Engineering professor co-authors paper on flexographic printing of electronic materialsJanuary 9th, 2017
The printing of electronic devices provides inexpensive solutions for diverse applications. But precision on a nanoparticle scale limits the success of sensors and transistors that are electronically printed. Dr. Hossein Sojoudi, Assistant Professor in the Department of Mechanical, Industrial, and Manufacturing Engineering, helped to engineer a solution: nanoporous microstructures that will serve as a next-generation stamp material, comprising polymer-coated aligned carbon nanotubes (CNTs). A paper on this new technology was recently published in Science Advances.
Since its invention in ancient times, relief printing, commonly called flexography, has been used to mass-produce artifacts ranging from decorative graphics to printed media. At present, higher resolution flexography is essential to manufacturing of low-cost, large-area printed electronics. However, due to contact-mediated liquid instabilities and spreading, the resolution of flexographic printing using elastomeric stamps is limited to 50-100 µm. “We designed and engineered the highly porous CNT microstructures to be wetted by colloidal inks, and to transfer a thin layer to a target substrate upon brief mechanical contact. This enabled printing of diverse micron-scale patterns of a variety of functional nanoparticle inks onto both rigid and compliant substrates,” Sojoudi said.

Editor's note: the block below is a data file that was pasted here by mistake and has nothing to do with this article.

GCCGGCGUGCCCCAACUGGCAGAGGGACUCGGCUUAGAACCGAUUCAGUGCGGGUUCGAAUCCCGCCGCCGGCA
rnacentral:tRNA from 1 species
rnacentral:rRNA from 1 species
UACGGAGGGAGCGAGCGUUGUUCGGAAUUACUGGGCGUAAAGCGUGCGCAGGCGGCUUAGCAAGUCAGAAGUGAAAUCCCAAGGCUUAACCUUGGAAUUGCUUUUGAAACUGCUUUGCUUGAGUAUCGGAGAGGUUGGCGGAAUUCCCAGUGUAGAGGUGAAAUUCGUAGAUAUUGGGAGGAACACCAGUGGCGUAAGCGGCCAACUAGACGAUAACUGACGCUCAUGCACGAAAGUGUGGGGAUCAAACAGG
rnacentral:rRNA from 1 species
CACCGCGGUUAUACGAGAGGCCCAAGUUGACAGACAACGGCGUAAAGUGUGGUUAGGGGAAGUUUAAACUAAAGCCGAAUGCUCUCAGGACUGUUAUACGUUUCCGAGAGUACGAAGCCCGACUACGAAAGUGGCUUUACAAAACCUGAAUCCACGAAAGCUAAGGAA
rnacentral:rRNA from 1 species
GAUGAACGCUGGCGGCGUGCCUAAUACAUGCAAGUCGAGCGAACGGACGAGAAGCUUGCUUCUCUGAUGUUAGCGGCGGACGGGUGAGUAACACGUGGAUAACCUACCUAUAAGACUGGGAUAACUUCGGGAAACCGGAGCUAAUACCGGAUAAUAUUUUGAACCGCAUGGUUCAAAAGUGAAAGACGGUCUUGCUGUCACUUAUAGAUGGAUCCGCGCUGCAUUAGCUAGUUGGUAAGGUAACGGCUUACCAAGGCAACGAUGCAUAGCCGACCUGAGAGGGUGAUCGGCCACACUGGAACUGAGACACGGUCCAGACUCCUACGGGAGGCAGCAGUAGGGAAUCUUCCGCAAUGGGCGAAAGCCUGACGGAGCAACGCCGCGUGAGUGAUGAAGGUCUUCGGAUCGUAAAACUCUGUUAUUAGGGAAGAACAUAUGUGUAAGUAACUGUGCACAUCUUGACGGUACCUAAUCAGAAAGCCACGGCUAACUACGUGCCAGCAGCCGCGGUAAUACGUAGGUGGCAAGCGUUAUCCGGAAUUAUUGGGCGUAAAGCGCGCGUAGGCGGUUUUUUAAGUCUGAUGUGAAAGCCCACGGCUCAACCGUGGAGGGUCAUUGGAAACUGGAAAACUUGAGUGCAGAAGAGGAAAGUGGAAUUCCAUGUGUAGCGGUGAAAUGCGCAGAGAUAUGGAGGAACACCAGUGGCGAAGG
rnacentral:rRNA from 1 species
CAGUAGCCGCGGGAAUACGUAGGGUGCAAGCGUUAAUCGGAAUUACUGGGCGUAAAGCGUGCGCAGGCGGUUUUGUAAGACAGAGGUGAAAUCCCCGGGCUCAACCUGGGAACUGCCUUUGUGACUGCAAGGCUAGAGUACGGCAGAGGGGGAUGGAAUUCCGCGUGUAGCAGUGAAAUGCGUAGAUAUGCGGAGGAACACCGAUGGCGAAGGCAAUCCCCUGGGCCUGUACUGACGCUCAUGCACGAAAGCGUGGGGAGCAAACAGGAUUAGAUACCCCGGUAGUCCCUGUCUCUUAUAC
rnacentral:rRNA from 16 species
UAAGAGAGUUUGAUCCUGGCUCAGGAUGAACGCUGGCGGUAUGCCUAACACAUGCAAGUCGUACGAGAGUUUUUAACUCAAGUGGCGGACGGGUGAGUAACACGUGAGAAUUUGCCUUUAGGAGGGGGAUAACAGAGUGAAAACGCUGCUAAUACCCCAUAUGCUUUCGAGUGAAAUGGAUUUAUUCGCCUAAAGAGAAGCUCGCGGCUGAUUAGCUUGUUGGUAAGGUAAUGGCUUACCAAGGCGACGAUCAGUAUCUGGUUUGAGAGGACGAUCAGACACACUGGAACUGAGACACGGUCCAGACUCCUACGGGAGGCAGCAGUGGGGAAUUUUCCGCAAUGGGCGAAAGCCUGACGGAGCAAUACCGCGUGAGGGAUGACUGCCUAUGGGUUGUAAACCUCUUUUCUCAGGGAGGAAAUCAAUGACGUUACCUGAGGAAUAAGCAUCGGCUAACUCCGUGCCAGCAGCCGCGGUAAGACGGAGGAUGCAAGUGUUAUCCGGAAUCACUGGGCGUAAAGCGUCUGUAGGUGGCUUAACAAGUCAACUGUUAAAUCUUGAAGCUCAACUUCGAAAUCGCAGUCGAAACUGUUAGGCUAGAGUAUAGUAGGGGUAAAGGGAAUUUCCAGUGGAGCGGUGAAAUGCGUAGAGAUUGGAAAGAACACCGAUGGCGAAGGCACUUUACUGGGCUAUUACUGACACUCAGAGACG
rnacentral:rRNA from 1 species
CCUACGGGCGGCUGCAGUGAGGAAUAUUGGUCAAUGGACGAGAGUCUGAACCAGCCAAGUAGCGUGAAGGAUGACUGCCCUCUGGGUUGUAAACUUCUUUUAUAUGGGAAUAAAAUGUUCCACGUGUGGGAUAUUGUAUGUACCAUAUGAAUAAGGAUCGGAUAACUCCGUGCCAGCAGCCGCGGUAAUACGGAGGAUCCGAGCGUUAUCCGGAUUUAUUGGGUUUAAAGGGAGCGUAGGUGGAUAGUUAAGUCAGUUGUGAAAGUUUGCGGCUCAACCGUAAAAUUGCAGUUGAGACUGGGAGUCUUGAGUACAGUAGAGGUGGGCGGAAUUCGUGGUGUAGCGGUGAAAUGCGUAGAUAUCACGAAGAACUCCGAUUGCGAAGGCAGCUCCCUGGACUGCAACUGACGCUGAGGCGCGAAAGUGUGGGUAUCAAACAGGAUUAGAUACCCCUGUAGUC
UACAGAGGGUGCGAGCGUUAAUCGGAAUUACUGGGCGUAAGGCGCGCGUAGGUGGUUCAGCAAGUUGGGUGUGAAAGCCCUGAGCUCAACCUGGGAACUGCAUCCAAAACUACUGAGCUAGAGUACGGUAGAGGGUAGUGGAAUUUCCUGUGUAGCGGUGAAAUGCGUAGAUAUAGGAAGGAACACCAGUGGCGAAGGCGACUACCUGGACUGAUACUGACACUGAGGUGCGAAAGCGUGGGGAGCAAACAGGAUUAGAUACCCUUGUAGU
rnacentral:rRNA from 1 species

Sojoudi’s role in the research was to develop ultrathin polymer coatings to control elasticity and wettability of the porous CNT microstructures, using initiated chemical vapor deposition (iCVD).
“With a 30 nm thick polymer coating, we were able to prevent aggregation and shrinkage of the porous microstructures,” he said. “In addition to having micrometer-scale resolution, the direct printing of patterns with uniform nanoscale thickness is greatly beneficial to scalable manufacturing of devices such as high-performance transistors and low-cost wireless sensors.”
The project was led by Dr. Sanha Kim, a postdoctoral fellow in Dr. A. John Hart’s research group, in collaboration with other research groups at Massachusetts Institute of Technology. Dr. Sojoudi was part of the research team while conducting his postdoctoral research with Prof. Gareth H. McKinley and Prof. Karen K. Gleason at MIT, before joining UT in August 2016.
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